When news of Hailee Steinfeld’s record deal broke in May, it was met with some admittedly legit skepticism. This is a girl who earned an Oscar nomination at age 13 for “True Grit,” by proving she has the, well, grit to stand toe-to-toe with Jeff Bridges. So why would she need to do anything outside of her already-celebrated acting career? Surely her Hollywood cred wouldn’t dissipate without a foray into the pop music world, right?
The fundamental mistake of looking at someone’s career choices based on what they need, though, is that you forget to take into account what they want. And especially in an industry filled with creative minds, the pull that an artist feels to experiment and to evolve simply can’t, and shouldn’t, be ignored.
“For me, as an actor, I’m used to telling other people’s stories and with this music I get to tell my own,” Hailee recently explained to MTV News.
And so, Hailee The Singer came roaring out the gate with the self-empowerment anthem “Love Myself,” setting her apart from the pack of pop stars who came before her. If you look at the genre’s biggest female artists and revisit their debut singles, you’ll notice an immediate but unsurprising trend: they sing a lot about dudes. Britney Spears craved a guy’s attention on “…Baby One More Time,” as did Mandy Moore on “Candy.” Christina Aguilera was sexually flustered on “Genie in a Bottle” — ditto with Selena Gomez on “Come & Get It.” Jessica Simpson served up innocent, windswept romanticism with “I Wanna Love You Forever,” and Taylor Swift followed suit years later with “Tim McGraw.”
But for Hailee’s debut single, she decided to go balls to the wall, introducing herself to the world as a fearless artist who doesn’t need a dude to make her feel celebrated or validated. It’s a strong statement for a 19-year-old to make, and in a way, it’s one that only someone as young and optimistic as her could make. The song’s thinly veiled references to masturbation are well-documented by this point (and Hailee gamely fed into the frenzy by wearing a “Self Service tee” in the music video). But once the immediate shock of the lyrics set in, listeners were left feeling a breath of fresh air — because this is just some ridiculously fun music.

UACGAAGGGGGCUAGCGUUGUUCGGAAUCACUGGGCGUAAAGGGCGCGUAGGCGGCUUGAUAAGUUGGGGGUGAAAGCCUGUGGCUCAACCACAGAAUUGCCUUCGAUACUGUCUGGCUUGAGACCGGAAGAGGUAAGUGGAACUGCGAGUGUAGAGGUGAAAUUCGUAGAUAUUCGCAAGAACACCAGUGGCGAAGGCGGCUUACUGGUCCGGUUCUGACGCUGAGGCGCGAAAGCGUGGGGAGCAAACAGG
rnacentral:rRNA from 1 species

“There is that sense of fearlessness, which I think kind of came from that word exactly: just being fearless and being able to kind of put myself out there,” Hailee explained to us.
“Love Myself” built up a ton of anticipation for Haiz, Hailee’s debut EP, which dropped Nov. 13, aka the busiest album release date in the world. But her aforementioned fortitude meant going up against One Direction’s Made In The A.M., Justin Bieber’s Purpose and Alessia Cara’s Know-It-All was a welcome challenge.
Thankfully, the brazen ‘tude we heard on “Love Myself” is laced throughout the other three songs on Haiz, as is Hailee’s apparent penchant for tongue-in-cheek lyrics. On the attitude-filled “You’re Such A,” which Hailee told us is her next single, she skirts around using the word “d—k” in a charmingly playful way. It’s not a revolutionary move in the pop world — Little Mix did the same thing on “Hair,” and the Jonas Brothers did it on “Poison Ivy” way back when. But the clever lyrics, coupled with the foot-stomping beat, infectious “dadada” chorus and sick burns she delivers (“See you smoking those electric cigarettes, are you joking?”) make the tune an absolute blast to listen to.
“It’s not particularly easy, but I owe a lot to the people I’m surrounded by, who make me feel like I can do anything,” Hailee said about honing in on her self-assurance in the studio. “Being confident and telling people how you feel, and knowing that you’re not the only one. It’s OK to express yourself — I think that’s something I’ve realized.”
And even when Hailee slows things down and opts for chilly detachment on the EP closer “Hell Nos and Headphones,” she’s still decidedly self-assured. Taking a page from Alessia Cara’s introvert-championing single “Here,” Hailee delivers a mellow but fiery kiss-off to her partying peers, packing it with conviction as she decides she’s cool with being alone.
As much as her EP touts self-confidence, though, Hailee admitted to us that she’s still trying to find her footing as a singer, especially when it comes to performing live. Describing the transition from the screen to the stage as “so uncomfortable,” Hailee said she looks to performers like Beyonce, Jennifer Lopez and Rihanna for stage presence inspiration.
“I don’t know that it’s something I’ll ever really get used to,” she said. “It’s such a thrill and such an adrenaline rush that I don’t feel I get with acting as much as I do when I’m onstage. There’s something about that instant reaction, that live feel. It’s really surreal.”
Equally as surreal is the possibility that an actress-turned-singer could emerge as a bonafide luminary in the pop world. Sure, we’ve seen it work before, but for every Demi and Selena there are 50 hopefuls who came, tried and went. She already has some work to do, but already, Hailee’s proven she has the talent and the attitude to go far — which means she’s definitely a force to look out for in 2016.